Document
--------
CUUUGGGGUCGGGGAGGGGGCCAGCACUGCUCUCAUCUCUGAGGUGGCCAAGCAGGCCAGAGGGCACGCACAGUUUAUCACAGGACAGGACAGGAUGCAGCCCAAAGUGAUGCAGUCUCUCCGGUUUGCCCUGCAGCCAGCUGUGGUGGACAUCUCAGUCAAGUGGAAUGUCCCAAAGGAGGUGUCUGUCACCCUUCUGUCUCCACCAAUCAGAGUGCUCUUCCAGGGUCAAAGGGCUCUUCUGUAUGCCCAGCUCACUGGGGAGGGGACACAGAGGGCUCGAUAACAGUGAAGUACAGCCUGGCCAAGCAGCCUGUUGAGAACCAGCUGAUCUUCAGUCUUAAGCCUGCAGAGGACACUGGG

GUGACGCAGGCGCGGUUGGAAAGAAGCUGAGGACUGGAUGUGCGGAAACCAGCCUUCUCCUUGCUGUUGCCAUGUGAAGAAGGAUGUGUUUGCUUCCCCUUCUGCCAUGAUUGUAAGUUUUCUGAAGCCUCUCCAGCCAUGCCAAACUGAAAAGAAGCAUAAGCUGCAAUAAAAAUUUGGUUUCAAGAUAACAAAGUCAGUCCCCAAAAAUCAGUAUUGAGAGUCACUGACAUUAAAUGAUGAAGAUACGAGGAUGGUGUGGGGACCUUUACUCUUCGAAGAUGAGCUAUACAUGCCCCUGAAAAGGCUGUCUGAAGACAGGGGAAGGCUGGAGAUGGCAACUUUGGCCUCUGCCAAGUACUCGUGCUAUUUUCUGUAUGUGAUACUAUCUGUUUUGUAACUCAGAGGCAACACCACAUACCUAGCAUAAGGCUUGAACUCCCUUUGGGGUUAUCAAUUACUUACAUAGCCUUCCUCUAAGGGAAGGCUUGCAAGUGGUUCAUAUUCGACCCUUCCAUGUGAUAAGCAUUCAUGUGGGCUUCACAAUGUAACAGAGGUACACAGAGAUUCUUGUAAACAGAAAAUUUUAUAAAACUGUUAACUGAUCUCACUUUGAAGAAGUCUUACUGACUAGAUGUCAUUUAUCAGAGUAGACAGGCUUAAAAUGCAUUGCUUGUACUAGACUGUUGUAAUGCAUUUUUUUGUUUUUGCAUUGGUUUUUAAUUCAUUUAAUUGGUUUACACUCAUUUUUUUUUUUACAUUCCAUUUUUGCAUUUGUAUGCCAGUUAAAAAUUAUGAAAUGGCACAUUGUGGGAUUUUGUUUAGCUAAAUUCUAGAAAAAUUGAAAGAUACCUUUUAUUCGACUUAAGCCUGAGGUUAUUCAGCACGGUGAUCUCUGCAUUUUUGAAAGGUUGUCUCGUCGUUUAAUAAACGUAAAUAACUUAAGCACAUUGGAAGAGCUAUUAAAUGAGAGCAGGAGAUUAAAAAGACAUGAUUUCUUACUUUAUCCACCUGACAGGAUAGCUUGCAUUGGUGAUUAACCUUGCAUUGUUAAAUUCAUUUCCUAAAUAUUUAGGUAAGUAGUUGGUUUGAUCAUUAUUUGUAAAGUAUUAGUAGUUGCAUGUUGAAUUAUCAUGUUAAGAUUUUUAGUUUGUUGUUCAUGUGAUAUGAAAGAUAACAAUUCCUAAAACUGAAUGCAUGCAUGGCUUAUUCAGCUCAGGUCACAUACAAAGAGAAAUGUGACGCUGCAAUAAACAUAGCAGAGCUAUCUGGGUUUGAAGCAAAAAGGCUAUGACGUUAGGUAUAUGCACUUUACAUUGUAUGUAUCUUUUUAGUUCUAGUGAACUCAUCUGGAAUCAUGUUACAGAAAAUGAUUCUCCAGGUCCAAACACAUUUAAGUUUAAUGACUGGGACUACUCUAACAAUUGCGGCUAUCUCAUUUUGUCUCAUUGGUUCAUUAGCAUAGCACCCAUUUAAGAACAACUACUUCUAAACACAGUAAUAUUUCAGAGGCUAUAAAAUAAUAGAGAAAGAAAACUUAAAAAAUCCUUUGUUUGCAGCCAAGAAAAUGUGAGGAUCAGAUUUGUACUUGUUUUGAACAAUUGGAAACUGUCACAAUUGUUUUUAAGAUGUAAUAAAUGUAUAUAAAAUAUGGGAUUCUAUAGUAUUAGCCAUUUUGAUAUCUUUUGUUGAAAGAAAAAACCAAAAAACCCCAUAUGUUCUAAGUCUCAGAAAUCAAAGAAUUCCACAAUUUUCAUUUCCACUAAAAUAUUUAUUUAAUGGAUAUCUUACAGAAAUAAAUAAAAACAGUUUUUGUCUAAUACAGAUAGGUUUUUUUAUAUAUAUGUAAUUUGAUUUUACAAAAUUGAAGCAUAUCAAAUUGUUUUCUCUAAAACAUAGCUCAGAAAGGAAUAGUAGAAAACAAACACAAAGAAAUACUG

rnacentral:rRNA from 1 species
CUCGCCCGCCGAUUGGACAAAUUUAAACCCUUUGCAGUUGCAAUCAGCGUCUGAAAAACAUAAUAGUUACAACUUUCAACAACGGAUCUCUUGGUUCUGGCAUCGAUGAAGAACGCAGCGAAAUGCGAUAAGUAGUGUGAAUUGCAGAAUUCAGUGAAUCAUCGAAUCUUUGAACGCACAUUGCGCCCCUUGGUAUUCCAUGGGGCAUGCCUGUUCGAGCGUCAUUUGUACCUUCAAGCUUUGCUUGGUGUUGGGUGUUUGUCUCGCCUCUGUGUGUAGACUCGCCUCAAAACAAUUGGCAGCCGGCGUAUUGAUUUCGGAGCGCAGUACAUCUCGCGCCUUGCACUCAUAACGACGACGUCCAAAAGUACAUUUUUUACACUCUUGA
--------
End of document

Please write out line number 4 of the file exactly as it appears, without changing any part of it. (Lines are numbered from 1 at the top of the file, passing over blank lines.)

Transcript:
CUCGCCCGCCGAUUGGACAAAUUUAAACCCUUUGCAGUUGCAAUCAGCGUCUGAAAAACAUAAUAGUUACAACUUUCAACAACGGAUCUCUUGGUUCUGGCAUCGAUGAAGAACGCAGCGAAAUGCGAUAAGUAGUGUGAAUUGCAGAAUUCAGUGAAUCAUCGAAUCUUUGAACGCACAUUGCGCCCCUUGGUAUUCCAUGGGGCAUGCCUGUUCGAGCGUCAUUUGUACCUUCAAGCUUUGCUUGGUGUUGGGUGUUUGUCUCGCCUCUGUGUGUAGACUCGCCUCAAAACAAUUGGCAGCCGGCGUAUUGAUUUCGGAGCGCAGUACAUCUCGCGCCUUGCACUCAUAACGACGACGUCCAAAAGUACAUUUUUUACACUCUUGA